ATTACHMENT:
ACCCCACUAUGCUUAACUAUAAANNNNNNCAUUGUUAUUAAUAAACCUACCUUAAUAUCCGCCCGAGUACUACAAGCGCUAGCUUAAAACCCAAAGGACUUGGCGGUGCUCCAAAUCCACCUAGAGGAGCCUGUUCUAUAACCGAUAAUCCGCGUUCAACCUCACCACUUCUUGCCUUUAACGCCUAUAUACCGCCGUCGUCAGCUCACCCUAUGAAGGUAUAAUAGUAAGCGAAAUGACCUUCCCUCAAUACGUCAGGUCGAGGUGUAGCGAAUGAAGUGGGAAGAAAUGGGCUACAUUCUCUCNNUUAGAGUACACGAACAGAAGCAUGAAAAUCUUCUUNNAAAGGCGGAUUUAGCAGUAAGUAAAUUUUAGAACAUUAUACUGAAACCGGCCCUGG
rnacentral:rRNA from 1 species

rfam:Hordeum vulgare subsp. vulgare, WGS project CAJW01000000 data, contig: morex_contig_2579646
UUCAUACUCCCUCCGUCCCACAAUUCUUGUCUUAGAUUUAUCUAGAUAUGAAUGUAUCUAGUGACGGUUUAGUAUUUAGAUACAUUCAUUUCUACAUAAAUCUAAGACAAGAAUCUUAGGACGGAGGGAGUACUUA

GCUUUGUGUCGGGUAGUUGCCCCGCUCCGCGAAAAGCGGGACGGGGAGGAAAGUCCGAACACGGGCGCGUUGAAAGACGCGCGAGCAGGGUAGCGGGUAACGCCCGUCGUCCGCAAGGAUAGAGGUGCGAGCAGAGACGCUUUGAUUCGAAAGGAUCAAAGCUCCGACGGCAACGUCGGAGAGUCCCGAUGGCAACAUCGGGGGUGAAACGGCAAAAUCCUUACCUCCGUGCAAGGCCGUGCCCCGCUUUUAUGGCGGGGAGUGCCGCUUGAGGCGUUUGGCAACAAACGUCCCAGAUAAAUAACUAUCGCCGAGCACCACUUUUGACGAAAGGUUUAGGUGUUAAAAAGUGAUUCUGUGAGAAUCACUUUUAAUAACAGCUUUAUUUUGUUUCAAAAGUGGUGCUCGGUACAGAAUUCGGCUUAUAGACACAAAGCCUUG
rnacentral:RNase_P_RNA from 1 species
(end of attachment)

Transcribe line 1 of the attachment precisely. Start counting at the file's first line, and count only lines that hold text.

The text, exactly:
ACCCCACUAUGCUUAACUAUAAANNNNNNCAUUGUUAUUAAUAAACCUACCUUAAUAUCCGCCCGAGUACUACAAGCGCUAGCUUAAAACCCAAAGGACUUGGCGGUGCUCCAAAUCCACCUAGAGGAGCCUGUUCUAUAACCGAUAAUCCGCGUUCAACCUCACCACUUCUUGCCUUUAACGCCUAUAUACCGCCGUCGUCAGCUCACCCUAUGAAGGUAUAAUAGUAAGCGAAAUGACCUUCCCUCAAUACGUCAGGUCGAGGUGUAGCGAAUGAAGUGGGAAGAAAUGGGCUACAUUCUCUCNNUUAGAGUACACGAACAGAAGCAUGAAAAUCUUCUUNNAAAGGCGGAUUUAGCAGUAAGUAAAUUUUAGAACAUUAUACUGAAACCGGCCCUGG